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I agree that basic mathematical examples which are fundamental in physics or other sciences should be counted. (And often they become fundamental in mathematics as well.) We can add the Poincare group along with the group SU(3) x SU(2) x U(1) ( – Gil Kalai Nov 23 '09 at 19:01

Theory of Algebraically Closed Fields (ACF for short) is an important example in Model Theory. This was a motivation example to develop theory of stable and simple theories (leading, eventually, to a beautiful proof of Mordell-Lang conjecture by Ehud Hrushovski).

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Turing machines (1937) and Boolean circuits: the primary models for digital computers.

Universal Quantum computers, and quantum Turing machines (Deutsch, 1985).

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The ring of Gaussian integers Z[i] is a fundamental example of a ring of integers extending Z. Many early results in number theory were motivated by understanding and generalizing properties exhibited by Z[i] and its relationship with Z.

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The Riemann zeta function is the fundamental example of a Dirichlet L-series. It is central in analytic number theory.

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(I think we had it this example before.) – Gil Kalai Jan 13 '10 at 19:59
Ah, I see it now in the real and complex analysis section. It seems a curious omission in the number theory section, as well as the modular function $j(\tau)$ or the Dedekind eta function. Some of my suggestions for this question are not designed to be new examples to many mathematicians. They indicate that I think those examples are fundamental, which might not be as obvious to mathematicians outside those fields. – Douglas Zare Jan 14 '10 at 9:21
Explaining how examples already mentioned are fundamental can be very useful! Note that you can freely edit existing answers. – Gil Kalai Jan 15 '10 at 8:40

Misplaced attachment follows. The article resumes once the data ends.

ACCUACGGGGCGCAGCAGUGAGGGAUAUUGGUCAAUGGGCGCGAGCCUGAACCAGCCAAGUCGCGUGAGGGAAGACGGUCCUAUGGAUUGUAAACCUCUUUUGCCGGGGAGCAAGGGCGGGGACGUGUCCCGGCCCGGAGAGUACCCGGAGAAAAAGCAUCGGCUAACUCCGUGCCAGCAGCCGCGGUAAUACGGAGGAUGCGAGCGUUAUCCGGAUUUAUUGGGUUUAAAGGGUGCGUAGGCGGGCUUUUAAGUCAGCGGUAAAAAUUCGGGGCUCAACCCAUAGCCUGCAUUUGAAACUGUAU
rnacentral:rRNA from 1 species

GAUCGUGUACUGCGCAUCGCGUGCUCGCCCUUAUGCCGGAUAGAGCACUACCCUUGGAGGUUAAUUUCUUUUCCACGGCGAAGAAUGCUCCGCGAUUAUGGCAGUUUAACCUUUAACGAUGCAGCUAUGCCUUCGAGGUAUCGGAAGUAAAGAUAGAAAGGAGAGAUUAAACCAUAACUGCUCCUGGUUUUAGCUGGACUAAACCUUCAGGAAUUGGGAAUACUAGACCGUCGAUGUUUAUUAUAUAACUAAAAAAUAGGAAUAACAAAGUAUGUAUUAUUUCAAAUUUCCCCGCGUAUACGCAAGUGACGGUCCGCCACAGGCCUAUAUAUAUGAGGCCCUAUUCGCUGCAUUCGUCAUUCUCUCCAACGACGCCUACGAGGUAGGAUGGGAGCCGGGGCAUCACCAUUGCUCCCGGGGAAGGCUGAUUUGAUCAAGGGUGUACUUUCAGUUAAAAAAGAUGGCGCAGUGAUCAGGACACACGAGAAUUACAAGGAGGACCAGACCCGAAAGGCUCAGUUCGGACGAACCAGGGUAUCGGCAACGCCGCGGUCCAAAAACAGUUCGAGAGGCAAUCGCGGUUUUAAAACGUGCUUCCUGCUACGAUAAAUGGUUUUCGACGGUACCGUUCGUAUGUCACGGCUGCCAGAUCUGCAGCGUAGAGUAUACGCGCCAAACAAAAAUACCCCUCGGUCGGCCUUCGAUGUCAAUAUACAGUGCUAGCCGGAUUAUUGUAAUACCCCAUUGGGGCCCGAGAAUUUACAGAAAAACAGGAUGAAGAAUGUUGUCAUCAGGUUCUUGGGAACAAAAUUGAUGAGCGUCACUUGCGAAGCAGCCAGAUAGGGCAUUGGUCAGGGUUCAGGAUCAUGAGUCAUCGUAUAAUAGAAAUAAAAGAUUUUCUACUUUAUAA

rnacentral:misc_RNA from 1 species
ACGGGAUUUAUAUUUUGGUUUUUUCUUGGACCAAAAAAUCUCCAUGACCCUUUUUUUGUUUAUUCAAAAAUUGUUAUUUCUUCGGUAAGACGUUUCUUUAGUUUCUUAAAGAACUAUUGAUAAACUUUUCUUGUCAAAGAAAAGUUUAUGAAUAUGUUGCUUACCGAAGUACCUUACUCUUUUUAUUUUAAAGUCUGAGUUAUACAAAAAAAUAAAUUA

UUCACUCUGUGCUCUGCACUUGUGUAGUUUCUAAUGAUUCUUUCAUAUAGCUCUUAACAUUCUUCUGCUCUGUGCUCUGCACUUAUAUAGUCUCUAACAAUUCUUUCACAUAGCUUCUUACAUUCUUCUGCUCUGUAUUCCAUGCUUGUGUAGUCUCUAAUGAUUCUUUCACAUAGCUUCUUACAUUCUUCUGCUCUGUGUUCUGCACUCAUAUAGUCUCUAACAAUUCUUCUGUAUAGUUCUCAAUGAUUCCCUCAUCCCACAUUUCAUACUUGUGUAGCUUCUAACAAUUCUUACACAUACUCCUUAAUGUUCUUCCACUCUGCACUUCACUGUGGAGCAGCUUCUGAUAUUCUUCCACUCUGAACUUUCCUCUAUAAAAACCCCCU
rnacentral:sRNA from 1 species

Actually, I can't edit them. – Douglas Zare Jan 15 '10 at 9:41

In geometric/combinatorial group theory, Grigorchuk's 2-group is a fundamental example. It originally was constructed as a particularly elegant infinite finitely generated torsion group. Then Grigorchuk showed it had intermediate growth, answering Milnor's problem. For a time it was seen as the universal counterexample in group theory. But now it has spawned a theory of groups acting on rooted trees, self-similar groups and branch groups. Pierre de la Harpe has an entire chapter of his book devoted to this group.

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I think the seven bridges of Königsberg initiated a lot of modern discrete mathematics.

Answered by Tomaž Pisanski

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I think I read at some point the 'game' of finding a Hamiltonian path on an dodecahedron was quite fashionable (ah, the pre-facebook days!) Is that contemporary to the time when solving the Königsberg problem was in fashion? – Mariano Suárez-Alvarez May 10 '10 at 17:36
They are over a century apart. Euler published his paper on the bridges of Koenigsberg in 1735 while Hamilton invented the "icosian game" in 1857. – Tomaž Pisanski May 10 '10 at 21:59

The complex projective space is the fundamental example in toric geometry, symplectic and GIT quotients,...

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See my comment on the torus and SU_3! – Loop Space Nov 11 '09 at 9:53
I agree, complex projective planes (and spaces), real projective planes and spaces, and those over finite field are very important examples. – Gil Kalai Nov 11 '09 at 18:38

In convex geometry, the Euclidean ball. In fact (as I think Gil knows but many other readers here probably don't) a huge portion of (high-dimensional) convex geometry consists of results that show that arbitrary high-dimensional convex bodies behave like the Euclidean ball in various ways.

And if I may be permitted to add another complementary example or two, the simplex and cube are for many purposes the least "Euclidean ball-like" convex bodies, so they are useful for understanding the limitations of the Euclidean ball as a prototype for arbitrary bodies.